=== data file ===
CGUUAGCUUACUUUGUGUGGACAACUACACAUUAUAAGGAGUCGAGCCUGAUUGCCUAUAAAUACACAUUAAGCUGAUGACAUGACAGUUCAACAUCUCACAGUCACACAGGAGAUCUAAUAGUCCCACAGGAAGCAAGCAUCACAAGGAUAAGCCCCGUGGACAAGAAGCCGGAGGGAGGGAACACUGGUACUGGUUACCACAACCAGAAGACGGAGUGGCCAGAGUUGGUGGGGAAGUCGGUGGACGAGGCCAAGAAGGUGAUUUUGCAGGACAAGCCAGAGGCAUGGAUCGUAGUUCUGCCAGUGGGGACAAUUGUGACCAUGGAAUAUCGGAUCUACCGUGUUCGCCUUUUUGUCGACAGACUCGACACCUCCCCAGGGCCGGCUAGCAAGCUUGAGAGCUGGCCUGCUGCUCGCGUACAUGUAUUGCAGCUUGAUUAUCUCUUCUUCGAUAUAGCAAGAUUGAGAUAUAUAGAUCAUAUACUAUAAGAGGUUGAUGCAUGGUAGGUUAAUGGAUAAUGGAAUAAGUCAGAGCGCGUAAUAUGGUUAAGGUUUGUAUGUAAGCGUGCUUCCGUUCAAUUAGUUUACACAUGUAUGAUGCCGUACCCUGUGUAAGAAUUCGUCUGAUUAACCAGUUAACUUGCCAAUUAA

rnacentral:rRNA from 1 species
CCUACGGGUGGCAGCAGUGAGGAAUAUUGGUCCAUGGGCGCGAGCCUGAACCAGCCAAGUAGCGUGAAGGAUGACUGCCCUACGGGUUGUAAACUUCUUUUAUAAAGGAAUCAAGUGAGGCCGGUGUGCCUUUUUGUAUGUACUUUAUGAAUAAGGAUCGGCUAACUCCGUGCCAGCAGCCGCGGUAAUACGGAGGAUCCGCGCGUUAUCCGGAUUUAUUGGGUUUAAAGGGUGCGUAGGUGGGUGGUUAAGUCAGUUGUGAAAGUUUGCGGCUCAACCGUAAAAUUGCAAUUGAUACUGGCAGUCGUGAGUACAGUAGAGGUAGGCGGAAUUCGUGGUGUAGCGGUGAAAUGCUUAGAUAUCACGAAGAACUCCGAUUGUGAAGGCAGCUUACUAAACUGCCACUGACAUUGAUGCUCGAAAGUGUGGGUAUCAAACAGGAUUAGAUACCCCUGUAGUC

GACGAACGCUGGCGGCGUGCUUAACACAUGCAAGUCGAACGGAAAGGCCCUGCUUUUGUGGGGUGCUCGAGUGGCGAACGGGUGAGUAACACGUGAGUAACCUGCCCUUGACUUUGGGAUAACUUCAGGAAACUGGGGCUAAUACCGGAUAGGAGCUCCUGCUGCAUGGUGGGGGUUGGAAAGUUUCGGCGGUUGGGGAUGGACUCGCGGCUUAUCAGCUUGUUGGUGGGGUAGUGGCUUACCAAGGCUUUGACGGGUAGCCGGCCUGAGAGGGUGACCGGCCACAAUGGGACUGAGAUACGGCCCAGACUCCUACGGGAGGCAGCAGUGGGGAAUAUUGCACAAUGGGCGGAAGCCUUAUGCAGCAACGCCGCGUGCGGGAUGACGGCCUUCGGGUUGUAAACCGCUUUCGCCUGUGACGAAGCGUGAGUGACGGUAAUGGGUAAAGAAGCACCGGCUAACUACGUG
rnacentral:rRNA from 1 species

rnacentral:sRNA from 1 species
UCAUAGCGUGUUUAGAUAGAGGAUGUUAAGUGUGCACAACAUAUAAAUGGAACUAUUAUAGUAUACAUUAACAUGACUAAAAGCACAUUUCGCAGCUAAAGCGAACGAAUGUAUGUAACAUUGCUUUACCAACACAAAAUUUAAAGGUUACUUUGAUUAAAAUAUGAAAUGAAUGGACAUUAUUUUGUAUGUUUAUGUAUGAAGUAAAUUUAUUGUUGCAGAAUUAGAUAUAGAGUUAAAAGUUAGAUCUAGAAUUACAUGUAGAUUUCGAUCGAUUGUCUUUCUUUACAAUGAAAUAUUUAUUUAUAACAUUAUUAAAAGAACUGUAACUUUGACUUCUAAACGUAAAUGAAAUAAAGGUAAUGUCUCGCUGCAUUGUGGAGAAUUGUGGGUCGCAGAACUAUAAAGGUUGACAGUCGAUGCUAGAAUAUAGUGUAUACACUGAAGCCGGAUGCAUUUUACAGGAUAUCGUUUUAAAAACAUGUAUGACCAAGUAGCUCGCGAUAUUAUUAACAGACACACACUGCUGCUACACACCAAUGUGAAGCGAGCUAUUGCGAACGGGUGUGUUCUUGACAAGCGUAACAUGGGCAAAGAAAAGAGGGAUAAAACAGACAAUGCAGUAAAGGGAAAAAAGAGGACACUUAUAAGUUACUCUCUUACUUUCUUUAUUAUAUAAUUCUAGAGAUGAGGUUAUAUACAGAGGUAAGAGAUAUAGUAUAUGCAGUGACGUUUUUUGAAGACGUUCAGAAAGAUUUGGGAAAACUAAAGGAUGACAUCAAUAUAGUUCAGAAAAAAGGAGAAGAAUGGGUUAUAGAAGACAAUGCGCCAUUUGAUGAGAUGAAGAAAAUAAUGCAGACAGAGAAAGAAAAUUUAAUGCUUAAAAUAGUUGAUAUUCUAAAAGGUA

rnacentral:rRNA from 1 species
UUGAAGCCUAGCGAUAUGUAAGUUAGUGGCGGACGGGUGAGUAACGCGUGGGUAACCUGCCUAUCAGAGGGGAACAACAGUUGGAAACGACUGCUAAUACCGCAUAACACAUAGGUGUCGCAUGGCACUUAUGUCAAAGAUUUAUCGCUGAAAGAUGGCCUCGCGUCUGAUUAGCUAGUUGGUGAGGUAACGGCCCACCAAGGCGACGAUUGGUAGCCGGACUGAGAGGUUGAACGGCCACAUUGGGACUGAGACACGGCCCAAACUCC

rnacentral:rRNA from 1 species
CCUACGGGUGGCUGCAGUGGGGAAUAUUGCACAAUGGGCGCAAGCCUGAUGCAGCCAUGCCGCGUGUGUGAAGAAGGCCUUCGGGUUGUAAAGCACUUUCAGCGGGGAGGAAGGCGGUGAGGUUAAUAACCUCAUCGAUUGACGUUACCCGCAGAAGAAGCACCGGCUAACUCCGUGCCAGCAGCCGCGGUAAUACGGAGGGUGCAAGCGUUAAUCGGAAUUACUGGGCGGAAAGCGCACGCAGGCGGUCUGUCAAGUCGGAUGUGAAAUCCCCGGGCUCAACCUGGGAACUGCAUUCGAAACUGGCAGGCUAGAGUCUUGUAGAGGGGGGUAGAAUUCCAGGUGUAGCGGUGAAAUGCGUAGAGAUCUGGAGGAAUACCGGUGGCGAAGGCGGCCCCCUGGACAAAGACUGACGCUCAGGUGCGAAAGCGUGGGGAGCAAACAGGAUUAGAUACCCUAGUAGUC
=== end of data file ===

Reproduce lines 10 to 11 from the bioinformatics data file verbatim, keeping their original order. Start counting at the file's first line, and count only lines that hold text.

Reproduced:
rnacentral:rRNA from 1 species
CCUACGGGUGGCUGCAGUGGGGAAUAUUGCACAAUGGGCGCAAGCCUGAUGCAGCCAUGCCGCGUGUGUGAAGAAGGCCUUCGGGUUGUAAAGCACUUUCAGCGGGGAGGAAGGCGGUGAGGUUAAUAACCUCAUCGAUUGACGUUACCCGCAGAAGAAGCACCGGCUAACUCCGUGCCAGCAGCCGCGGUAAUACGGAGGGUGCAAGCGUUAAUCGGAAUUACUGGGCGGAAAGCGCACGCAGGCGGUCUGUCAAGUCGGAUGUGAAAUCCCCGGGCUCAACCUGGGAACUGCAUUCGAAACUGGCAGGCUAGAGUCUUGUAGAGGGGGGUAGAAUUCCAGGUGUAGCGGUGAAAUGCGUAGAGAUCUGGAGGAAUACCGGUGGCGAAGGCGGCCCCCUGGACAAAGACUGACGCUCAGGUGCGAAAGCGUGGGGAGCAAACAGGAUUAGAUACCCUAGUAGUC